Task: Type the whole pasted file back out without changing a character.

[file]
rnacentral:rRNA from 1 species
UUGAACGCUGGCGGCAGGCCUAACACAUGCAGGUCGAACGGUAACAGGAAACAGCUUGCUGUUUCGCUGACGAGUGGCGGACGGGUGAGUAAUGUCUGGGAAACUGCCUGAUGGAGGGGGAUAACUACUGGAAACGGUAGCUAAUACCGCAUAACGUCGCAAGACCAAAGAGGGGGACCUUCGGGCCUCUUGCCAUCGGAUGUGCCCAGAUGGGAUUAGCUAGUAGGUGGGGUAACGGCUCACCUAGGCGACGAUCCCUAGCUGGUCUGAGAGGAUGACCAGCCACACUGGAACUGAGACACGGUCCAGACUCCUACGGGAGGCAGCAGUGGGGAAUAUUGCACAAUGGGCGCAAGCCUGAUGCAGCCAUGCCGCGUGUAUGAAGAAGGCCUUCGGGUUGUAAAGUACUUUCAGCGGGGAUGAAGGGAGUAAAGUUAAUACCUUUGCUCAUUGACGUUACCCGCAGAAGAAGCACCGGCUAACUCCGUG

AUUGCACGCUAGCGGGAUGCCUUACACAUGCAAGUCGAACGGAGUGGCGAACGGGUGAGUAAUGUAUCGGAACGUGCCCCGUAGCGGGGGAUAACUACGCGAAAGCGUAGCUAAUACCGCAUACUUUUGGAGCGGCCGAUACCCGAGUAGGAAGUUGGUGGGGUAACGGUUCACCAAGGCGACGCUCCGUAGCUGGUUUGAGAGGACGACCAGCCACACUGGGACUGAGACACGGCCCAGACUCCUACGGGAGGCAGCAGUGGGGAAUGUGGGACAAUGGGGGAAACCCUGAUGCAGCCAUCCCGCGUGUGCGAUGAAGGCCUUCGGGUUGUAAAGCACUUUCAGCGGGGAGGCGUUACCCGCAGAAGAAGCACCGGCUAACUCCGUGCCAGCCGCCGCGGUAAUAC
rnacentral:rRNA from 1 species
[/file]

rnacentral:rRNA from 1 species
UUGAACGCUGGCGGCAGGCCUAACACAUGCAGGUCGAACGGUAACAGGAAACAGCUUGCUGUUUCGCUGACGAGUGGCGGACGGGUGAGUAAUGUCUGGGAAACUGCCUGAUGGAGGGGGAUAACUACUGGAAACGGUAGCUAAUACCGCAUAACGUCGCAAGACCAAAGAGGGGGACCUUCGGGCCUCUUGCCAUCGGAUGUGCCCAGAUGGGAUUAGCUAGUAGGUGGGGUAACGGCUCACCUAGGCGACGAUCCCUAGCUGGUCUGAGAGGAUGACCAGCCACACUGGAACUGAGACACGGUCCAGACUCCUACGGGAGGCAGCAGUGGGGAAUAUUGCACAAUGGGCGCAAGCCUGAUGCAGCCAUGCCGCGUGUAUGAAGAAGGCCUUCGGGUUGUAAAGUACUUUCAGCGGGGAUGAAGGGAGUAAAGUUAAUACCUUUGCUCAUUGACGUUACCCGCAGAAGAAGCACCGGCUAACUCCGUG

AUUGCACGCUAGCGGGAUGCCUUACACAUGCAAGUCGAACGGAGUGGCGAACGGGUGAGUAAUGUAUCGGAACGUGCCCCGUAGCGGGGGAUAACUACGCGAAAGCGUAGCUAAUACCGCAUACUUUUGGAGCGGCCGAUACCCGAGUAGGAAGUUGGUGGGGUAACGGUUCACCAAGGCGACGCUCCGUAGCUGGUUUGAGAGGACGACCAGCCACACUGGGACUGAGACACGGCCCAGACUCCUACGGGAGGCAGCAGUGGGGAAUGUGGGACAAUGGGGGAAACCCUGAUGCAGCCAUCCCGCGUGUGCGAUGAAGGCCUUCGGGUUGUAAAGCACUUUCAGCGGGGAGGCGUUACCCGCAGAAGAAGCACCGGCUAACUCCGUGCCAGCCGCCGCGGUAAUAC
rnacentral:rRNA from 1 species